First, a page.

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Health Care Manage Rev. 2007 Oct-Dec;32(4):341-51.

High-performing and low-performing nursing homes: a view from complexity science.

Author information

1
University of Nebraska Medical Center College of Nursing, Nebraska Medical Center, Omaha, NE, USA. sathompson@unmc.edu

Abstract

BACKGROUND:

There continues to be concern for the quality of care and quality of life for nursing home residents. Some scientists have turned their attention to viewing nursing homes as complex adaptive systems to inform our understanding of organizational performance.

PURPOSE:

The purpose of this study was to describe the working conditions in four nursing homes-two high performing and two low performing-through the lens of complexity science theory.

METHODS:

A qualitative case study approach was used to examine four nursing homes. Extreme case examples-high- and low-performing nursing homes-were purposefully selected. More than 100 hr of observation, 70 formal interviews, numerous informal interviews, and document review were the primary data collection methods.

FINDINGS:

Using select complexity science principles added richness to the analysis, highlighting the stark contrast between the high- and low-performing nursing homes. Leaders in the high-performing homes behaved congruently with the nursing home's stated and lived mission by fostering connectivity among staff, ample information flow, and the use of cognitive diversity. In contrast, leadership in low-performing homes behaved disharmoniously with the stated mission, which confused and eroded trust and relationships among staff members, contributed to poor communication, and fostered role isolation and discontinuity in resident care.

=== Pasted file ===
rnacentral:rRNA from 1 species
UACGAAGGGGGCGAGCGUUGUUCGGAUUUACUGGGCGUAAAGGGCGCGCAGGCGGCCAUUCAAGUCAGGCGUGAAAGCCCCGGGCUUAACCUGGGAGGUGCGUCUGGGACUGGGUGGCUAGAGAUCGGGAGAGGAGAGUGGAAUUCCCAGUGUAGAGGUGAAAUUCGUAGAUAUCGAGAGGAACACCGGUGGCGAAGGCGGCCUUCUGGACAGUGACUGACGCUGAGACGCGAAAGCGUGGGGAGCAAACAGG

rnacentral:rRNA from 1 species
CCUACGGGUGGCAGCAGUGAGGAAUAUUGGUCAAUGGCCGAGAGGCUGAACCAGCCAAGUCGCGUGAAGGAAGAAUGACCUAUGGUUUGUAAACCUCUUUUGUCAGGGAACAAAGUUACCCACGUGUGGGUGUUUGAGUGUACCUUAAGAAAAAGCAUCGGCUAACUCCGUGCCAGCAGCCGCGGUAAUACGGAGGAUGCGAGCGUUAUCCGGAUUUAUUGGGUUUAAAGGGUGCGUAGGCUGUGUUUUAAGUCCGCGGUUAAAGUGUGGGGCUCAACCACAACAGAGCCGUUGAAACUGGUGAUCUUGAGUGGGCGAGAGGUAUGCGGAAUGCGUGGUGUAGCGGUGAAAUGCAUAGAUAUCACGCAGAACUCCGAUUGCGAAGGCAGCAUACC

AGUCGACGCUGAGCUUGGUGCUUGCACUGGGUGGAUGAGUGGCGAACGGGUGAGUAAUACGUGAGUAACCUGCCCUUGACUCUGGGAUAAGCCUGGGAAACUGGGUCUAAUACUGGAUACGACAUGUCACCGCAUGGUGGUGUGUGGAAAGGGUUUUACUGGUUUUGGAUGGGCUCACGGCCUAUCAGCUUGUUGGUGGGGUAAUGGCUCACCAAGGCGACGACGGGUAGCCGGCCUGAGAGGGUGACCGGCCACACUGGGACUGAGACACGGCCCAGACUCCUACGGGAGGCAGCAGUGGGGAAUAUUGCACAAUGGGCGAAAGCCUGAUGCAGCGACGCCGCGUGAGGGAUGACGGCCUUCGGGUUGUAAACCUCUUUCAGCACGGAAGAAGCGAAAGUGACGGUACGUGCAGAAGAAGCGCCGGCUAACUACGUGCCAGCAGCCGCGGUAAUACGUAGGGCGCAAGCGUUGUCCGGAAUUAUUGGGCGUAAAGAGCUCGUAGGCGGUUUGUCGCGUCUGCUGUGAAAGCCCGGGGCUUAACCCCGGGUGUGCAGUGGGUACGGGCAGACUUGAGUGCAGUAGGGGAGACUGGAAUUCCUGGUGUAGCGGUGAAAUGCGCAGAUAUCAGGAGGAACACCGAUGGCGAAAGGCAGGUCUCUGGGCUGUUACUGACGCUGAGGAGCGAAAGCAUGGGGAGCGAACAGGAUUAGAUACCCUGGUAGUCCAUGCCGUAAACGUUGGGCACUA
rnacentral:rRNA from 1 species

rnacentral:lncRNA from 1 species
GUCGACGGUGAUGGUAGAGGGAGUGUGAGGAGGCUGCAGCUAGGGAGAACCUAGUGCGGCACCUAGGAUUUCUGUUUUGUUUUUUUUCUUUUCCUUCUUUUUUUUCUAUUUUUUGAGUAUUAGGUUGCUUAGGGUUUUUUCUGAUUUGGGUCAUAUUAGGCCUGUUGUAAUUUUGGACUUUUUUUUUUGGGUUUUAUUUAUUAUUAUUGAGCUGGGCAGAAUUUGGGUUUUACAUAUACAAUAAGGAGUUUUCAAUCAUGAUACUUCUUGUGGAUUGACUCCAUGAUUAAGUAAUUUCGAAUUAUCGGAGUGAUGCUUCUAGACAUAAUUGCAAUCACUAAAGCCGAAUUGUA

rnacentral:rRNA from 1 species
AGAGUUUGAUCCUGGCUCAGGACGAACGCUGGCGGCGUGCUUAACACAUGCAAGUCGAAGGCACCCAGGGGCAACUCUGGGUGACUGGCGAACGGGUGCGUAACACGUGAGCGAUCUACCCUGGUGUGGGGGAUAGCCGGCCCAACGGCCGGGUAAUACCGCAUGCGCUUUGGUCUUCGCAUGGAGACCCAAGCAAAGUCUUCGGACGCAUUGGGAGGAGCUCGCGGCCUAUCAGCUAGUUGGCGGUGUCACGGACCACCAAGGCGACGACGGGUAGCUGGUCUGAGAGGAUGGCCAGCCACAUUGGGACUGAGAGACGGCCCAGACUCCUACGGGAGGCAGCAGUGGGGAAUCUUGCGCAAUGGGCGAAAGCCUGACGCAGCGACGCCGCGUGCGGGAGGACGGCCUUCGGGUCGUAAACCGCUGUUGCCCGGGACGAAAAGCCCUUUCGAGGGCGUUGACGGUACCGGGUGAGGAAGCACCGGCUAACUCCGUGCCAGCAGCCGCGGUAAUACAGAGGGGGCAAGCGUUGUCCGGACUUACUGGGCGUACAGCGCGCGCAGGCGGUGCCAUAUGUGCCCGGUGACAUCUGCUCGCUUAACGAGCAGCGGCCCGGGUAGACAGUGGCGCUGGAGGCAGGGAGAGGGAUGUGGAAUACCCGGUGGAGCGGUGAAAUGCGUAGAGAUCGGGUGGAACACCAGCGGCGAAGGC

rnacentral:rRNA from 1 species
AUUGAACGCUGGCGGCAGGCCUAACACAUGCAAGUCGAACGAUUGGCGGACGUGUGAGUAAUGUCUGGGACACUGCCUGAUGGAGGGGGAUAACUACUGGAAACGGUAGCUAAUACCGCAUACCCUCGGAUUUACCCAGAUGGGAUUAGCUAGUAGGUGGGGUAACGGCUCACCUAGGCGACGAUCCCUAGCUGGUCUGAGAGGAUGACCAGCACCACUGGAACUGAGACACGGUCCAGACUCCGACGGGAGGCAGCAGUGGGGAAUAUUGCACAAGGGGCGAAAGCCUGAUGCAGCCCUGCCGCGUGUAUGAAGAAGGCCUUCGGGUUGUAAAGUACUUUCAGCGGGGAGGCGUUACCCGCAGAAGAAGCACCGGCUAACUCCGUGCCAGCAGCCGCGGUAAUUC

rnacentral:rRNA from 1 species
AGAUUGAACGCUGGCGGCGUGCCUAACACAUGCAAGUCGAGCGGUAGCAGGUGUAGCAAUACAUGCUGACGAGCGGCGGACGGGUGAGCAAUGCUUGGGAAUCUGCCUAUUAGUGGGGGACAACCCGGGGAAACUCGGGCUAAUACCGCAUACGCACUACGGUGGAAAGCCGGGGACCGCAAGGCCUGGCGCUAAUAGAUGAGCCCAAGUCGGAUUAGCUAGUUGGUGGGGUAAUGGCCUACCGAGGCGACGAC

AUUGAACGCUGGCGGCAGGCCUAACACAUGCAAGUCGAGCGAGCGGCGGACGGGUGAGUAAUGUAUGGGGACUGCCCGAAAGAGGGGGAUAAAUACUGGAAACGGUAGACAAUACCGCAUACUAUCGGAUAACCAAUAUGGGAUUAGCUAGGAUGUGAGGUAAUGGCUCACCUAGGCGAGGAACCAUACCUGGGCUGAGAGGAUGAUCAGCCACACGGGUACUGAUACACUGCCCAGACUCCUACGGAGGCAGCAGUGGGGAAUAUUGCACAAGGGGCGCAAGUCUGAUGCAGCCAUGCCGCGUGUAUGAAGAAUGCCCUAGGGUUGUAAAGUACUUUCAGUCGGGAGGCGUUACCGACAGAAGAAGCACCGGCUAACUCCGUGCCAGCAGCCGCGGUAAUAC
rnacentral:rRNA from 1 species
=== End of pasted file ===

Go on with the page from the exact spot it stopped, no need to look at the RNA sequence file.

PRACTICE IMPLICATIONS:

The study offers insights into the importance of mission- and values-based leadership behaviors, suggesting that an overuse of mechanistic, linear command-and-control approaches to improving care, such as punitive measures to insist on regulatory compliance, will do little to ultimately improve care. Rather, relationship-centered leadership that embraces co-management and mutual shaping of resident care complements doing the right thing for residents from a values-based shared experience. Examples of practice implications include developing a strong, coherent organizational mission; having fewer, more flexible rules to foster creativity; and allowing lateral decision making.

[Indexed for MEDLINE]

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